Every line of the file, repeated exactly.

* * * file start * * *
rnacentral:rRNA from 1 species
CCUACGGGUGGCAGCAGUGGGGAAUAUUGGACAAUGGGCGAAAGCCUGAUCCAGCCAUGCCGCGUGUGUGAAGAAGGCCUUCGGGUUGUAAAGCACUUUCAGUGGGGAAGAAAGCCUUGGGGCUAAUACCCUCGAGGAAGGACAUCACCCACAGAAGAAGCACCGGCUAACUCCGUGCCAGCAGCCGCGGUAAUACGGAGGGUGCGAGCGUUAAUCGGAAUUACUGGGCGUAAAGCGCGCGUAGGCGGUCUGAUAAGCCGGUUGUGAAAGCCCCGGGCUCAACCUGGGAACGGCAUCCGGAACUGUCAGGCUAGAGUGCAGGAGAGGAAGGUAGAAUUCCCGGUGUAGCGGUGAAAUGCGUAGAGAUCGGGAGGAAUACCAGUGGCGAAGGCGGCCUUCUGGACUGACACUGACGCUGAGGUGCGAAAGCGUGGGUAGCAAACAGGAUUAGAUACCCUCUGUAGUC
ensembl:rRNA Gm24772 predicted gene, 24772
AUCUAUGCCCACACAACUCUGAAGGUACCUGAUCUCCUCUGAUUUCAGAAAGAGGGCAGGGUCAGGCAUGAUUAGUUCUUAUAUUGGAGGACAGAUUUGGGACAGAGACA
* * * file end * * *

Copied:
rnacentral:rRNA from 1 species
CCUACGGGUGGCAGCAGUGGGGAAUAUUGGACAAUGGGCGAAAGCCUGAUCCAGCCAUGCCGCGUGUGUGAAGAAGGCCUUCGGGUUGUAAAGCACUUUCAGUGGGGAAGAAAGCCUUGGGGCUAAUACCCUCGAGGAAGGACAUCACCCACAGAAGAAGCACCGGCUAACUCCGUGCCAGCAGCCGCGGUAAUACGGAGGGUGCGAGCGUUAAUCGGAAUUACUGGGCGUAAAGCGCGCGUAGGCGGUCUGAUAAGCCGGUUGUGAAAGCCCCGGGCUCAACCUGGGAACGGCAUCCGGAACUGUCAGGCUAGAGUGCAGGAGAGGAAGGUAGAAUUCCCGGUGUAGCGGUGAAAUGCGUAGAGAUCGGGAGGAAUACCAGUGGCGAAGGCGGCCUUCUGGACUGACACUGACGCUGAGGUGCGAAAGCGUGGGUAGCAAACAGGAUUAGAUACCCUCUGUAGUC
ensembl:rRNA Gm24772 predicted gene, 24772
AUCUAUGCCCACACAACUCUGAAGGUACCUGAUCUCCUCUGAUUUCAGAAAGAGGGCAGGGUCAGGCAUGAUUAGUUCUUAUAUUGGAGGACAGAUUUGGGACAGAGACA